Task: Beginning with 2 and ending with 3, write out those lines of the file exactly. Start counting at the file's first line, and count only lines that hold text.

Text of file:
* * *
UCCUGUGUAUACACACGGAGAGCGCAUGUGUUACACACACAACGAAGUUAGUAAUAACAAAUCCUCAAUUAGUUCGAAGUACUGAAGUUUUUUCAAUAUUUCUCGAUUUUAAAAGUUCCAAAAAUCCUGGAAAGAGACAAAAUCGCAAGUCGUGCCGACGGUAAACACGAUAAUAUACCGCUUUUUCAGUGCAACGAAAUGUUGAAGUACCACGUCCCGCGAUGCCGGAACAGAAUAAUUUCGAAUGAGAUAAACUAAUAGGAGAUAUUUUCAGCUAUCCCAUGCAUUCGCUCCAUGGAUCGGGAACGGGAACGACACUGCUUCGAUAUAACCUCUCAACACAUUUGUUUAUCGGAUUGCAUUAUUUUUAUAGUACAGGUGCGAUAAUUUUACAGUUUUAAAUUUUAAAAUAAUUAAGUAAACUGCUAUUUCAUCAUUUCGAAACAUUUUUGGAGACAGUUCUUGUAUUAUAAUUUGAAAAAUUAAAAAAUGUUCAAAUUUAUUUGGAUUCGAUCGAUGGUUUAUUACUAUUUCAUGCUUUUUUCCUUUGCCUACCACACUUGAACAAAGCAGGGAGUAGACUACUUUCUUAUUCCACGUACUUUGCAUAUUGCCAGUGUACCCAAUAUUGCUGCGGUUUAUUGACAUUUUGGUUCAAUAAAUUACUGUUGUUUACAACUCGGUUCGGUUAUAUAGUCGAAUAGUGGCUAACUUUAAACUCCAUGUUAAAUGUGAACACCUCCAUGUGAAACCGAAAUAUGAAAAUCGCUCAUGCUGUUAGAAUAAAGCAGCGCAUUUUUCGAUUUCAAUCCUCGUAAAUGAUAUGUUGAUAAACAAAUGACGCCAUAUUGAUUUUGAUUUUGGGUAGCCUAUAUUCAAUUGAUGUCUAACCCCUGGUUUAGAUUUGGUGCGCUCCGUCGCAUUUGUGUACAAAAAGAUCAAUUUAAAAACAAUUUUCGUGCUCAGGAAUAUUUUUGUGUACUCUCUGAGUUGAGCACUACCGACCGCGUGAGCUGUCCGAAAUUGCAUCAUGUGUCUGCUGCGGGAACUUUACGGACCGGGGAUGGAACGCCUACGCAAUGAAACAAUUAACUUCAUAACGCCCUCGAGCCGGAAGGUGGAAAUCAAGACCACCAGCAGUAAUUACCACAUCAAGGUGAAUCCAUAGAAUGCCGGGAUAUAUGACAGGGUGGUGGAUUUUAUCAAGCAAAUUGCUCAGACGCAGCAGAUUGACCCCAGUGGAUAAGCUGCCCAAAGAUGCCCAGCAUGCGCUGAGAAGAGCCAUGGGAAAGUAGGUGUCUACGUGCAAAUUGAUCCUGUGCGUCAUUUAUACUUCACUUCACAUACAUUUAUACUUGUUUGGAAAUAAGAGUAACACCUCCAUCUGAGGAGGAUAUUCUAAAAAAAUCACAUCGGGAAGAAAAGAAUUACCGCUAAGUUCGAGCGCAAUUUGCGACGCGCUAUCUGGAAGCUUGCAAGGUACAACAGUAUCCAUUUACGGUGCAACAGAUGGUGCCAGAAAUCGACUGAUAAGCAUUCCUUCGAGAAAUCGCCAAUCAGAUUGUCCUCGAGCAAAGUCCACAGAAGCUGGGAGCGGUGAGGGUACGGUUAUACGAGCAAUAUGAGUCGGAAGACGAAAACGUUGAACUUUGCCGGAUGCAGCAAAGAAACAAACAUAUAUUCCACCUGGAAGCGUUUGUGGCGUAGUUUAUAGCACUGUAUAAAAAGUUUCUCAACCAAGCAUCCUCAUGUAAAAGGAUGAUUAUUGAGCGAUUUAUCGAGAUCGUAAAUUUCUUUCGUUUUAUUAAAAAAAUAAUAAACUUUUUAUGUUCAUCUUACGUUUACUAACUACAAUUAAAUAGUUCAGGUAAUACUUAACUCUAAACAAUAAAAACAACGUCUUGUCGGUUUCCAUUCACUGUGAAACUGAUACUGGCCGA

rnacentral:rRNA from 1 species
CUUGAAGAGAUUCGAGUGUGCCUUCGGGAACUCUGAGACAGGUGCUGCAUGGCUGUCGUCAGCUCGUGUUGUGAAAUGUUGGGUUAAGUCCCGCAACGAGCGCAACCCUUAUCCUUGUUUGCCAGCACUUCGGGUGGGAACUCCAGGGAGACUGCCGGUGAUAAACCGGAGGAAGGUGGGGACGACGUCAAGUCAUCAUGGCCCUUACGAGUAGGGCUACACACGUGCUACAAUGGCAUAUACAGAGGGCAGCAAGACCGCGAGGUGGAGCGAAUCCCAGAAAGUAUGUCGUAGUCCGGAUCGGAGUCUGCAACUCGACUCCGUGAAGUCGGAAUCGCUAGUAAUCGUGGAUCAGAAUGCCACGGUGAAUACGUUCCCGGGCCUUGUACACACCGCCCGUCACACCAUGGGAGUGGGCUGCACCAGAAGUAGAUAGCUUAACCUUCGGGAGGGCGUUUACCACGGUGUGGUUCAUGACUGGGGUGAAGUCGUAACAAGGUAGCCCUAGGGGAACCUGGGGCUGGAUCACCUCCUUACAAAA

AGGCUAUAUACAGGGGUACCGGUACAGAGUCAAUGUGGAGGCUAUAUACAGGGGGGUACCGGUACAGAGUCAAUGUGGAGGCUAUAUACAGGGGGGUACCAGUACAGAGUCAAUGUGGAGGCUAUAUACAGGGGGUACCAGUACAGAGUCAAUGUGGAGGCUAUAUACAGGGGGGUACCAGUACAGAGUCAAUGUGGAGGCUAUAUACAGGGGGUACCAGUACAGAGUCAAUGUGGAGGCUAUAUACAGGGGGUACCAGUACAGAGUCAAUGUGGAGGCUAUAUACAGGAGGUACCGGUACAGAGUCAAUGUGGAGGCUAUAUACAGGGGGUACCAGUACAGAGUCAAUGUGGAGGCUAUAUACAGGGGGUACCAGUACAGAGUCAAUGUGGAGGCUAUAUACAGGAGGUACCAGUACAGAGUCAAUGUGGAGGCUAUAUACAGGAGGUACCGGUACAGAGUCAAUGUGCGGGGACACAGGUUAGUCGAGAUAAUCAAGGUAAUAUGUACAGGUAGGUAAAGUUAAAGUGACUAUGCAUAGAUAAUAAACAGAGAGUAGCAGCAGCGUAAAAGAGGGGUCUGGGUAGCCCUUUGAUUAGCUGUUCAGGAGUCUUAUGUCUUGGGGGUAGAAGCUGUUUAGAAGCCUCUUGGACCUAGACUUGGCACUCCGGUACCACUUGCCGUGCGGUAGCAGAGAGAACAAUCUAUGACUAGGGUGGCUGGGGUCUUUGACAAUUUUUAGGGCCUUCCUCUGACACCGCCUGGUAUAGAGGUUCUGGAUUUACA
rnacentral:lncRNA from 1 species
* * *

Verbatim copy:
rnacentral:rRNA from 1 species
CUUGAAGAGAUUCGAGUGUGCCUUCGGGAACUCUGAGACAGGUGCUGCAUGGCUGUCGUCAGCUCGUGUUGUGAAAUGUUGGGUUAAGUCCCGCAACGAGCGCAACCCUUAUCCUUGUUUGCCAGCACUUCGGGUGGGAACUCCAGGGAGACUGCCGGUGAUAAACCGGAGGAAGGUGGGGACGACGUCAAGUCAUCAUGGCCCUUACGAGUAGGGCUACACACGUGCUACAAUGGCAUAUACAGAGGGCAGCAAGACCGCGAGGUGGAGCGAAUCCCAGAAAGUAUGUCGUAGUCCGGAUCGGAGUCUGCAACUCGACUCCGUGAAGUCGGAAUCGCUAGUAAUCGUGGAUCAGAAUGCCACGGUGAAUACGUUCCCGGGCCUUGUACACACCGCCCGUCACACCAUGGGAGUGGGCUGCACCAGAAGUAGAUAGCUUAACCUUCGGGAGGGCGUUUACCACGGUGUGGUUCAUGACUGGGGUGAAGUCGUAACAAGGUAGCCCUAGGGGAACCUGGGGCUGGAUCACCUCCUUACAAAA